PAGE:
First Aid for Poisoning: Symptoms, Effects and Treatment for Poisoning

Woman poisoning

Accidental poisoning is an uncommon incident, but it is a serious concern that calls for immediate first-aid action, and in certain cases, urgent medical treatment. A private ambulance service may be required to bring an individual suspected of poisoning to the closest medical facility.

Poisoning can occur in a lot of ways. There are a lot of sources and factors that can cause the poisoning of an adult or a child. This guide will talk about the causes and symptoms of poisoning, what to do in the event of poisoning, when is poisoning an emergency case, plus prevention tips.

You can learn more about proper first-aid treatment when someone poisoning on workspace with our occupational first aid course, or if it happens to child, then our child first aid course it’s

What is Poisoning?

Poisoning is any incident where a person has swallowed, inhaled, injected, or absorbed through the skin a substance or chemical that is harmful to the body.

Poisoning takes place when large amounts of the substance or chemical have been taken. However, a small amount of the substance can still induce poisoning, depending on the toxicity levels of the substance.

What causes Poisoning?

Poisoning can be caused by a wide range of sources and substances. These sources may include anything from medications, drugs, chemicals, food, animal venom, plants, and others.

  • Drugs and other medications
    Beta-blockers when taken in excess, Warfarin (Coumadin) which is a type of blood thinner, vitamins A and D
  • Household products and personal care items
    Cleaners, detergent, furniture polish, nail polish remover, pesticides, paint thinner, gasoline
  • Venom
    From snakes, spiders, certain frogs, scorpions, and some types of fishes
  • Gases
    Carbon monoxide, chlorine
  • Foods and drinks
    Drinking water that has been contaminated with agricultural or industrial chemicals, spoiled food or food that has not been properly prepared or cooked, excessive alcohol consumption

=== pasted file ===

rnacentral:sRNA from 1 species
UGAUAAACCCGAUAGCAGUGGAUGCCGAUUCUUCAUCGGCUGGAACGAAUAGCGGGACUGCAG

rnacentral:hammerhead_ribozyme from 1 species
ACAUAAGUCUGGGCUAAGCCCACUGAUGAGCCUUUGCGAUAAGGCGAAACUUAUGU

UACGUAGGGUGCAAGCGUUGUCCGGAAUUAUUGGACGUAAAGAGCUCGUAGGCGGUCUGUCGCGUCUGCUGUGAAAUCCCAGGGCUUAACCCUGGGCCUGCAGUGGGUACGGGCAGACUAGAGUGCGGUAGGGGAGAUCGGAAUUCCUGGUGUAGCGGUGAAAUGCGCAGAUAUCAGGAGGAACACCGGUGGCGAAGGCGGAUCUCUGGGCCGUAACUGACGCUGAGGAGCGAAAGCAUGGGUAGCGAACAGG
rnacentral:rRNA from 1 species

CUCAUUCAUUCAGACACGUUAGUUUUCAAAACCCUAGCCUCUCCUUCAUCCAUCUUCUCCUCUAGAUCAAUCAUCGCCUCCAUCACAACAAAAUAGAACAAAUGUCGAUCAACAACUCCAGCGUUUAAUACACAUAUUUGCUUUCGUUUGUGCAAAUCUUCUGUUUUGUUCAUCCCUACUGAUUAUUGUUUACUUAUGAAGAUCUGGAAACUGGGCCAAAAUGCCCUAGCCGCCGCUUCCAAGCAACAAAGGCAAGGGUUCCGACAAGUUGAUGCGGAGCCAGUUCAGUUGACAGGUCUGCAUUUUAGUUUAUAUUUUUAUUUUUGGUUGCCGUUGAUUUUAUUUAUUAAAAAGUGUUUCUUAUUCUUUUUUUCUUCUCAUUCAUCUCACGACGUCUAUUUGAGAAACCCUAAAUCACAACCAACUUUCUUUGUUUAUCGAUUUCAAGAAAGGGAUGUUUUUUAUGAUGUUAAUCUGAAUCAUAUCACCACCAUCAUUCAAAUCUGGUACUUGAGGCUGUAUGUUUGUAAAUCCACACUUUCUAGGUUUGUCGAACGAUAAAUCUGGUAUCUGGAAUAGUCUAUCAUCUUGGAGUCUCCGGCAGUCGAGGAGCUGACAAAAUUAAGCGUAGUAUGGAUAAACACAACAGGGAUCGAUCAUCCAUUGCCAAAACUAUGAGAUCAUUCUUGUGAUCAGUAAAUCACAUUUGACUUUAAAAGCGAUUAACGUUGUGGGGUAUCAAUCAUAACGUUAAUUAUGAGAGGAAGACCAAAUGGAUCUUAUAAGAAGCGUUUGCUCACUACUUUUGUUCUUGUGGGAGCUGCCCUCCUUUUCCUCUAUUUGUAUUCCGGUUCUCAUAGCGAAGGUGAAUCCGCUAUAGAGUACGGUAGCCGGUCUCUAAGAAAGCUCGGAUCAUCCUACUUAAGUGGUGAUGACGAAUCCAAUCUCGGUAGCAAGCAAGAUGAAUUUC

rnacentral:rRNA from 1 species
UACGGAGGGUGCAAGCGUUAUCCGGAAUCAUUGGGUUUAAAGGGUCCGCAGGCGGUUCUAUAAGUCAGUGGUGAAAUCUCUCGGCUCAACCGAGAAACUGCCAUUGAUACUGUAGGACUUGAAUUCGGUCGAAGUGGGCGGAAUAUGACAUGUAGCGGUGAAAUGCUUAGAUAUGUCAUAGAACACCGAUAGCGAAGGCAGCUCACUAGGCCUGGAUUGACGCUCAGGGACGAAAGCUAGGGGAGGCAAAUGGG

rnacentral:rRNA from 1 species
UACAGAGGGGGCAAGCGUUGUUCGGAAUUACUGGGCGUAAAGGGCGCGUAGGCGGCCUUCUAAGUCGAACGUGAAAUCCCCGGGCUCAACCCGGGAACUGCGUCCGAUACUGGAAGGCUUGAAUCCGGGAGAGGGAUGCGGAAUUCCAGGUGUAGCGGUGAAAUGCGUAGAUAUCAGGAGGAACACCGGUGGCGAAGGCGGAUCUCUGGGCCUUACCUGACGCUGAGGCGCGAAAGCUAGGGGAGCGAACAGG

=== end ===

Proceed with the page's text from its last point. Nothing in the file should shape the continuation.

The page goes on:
• Other naturally-occurring metals
    Arsenic, lead, mercury
  • Plants and fungi
    Poison ivy, certain berries, and certain mushrooms

Symptoms of Poisoning

An individual can be suspected of suffering from poisoning through a set of symptoms. These symptoms may include:

  • Burns or redness around the lips and mouth
  • Breath smells of chemicals
  • Nausea and vomiting
  • Trouble breathing
  • An increased or slowed down heart rate
  • Diarrhea
  • Rashes
  • Drooling or foaming of the mouth
  • Drowsiness or lightheadedness
  • Dilated or constricted pupils
  • A confused state
  • Seizures

With the onset of these symptoms, it is important to understand what you can do to save the person from imminent danger.

Effects of Poisoning

If not given immediate and proper first-aid response or medical treatment, an individual who has been poisoned may suffer from long-term effects of poisoning. These effects may include short-term illnesses, brain damage, coma, and death.

Treatment for Poisoning

Treatment for poisoning varies depending on several factors. These factors may include:

  • The symptoms that the person is manifesting
  • The age and weight of the person
  • The knowledge of what type and how much of the substance that caused the poisoning has been consumed by the person
  • Allergies of the person

Apart from the symptoms, survey the scene so that you may make sense of the situation. Look for clues like empty pill bottles or scattered pills, stains, a certain odor, and others. If a child has been poisoned, take into consideration that they may have swallowed something and act quickly on it.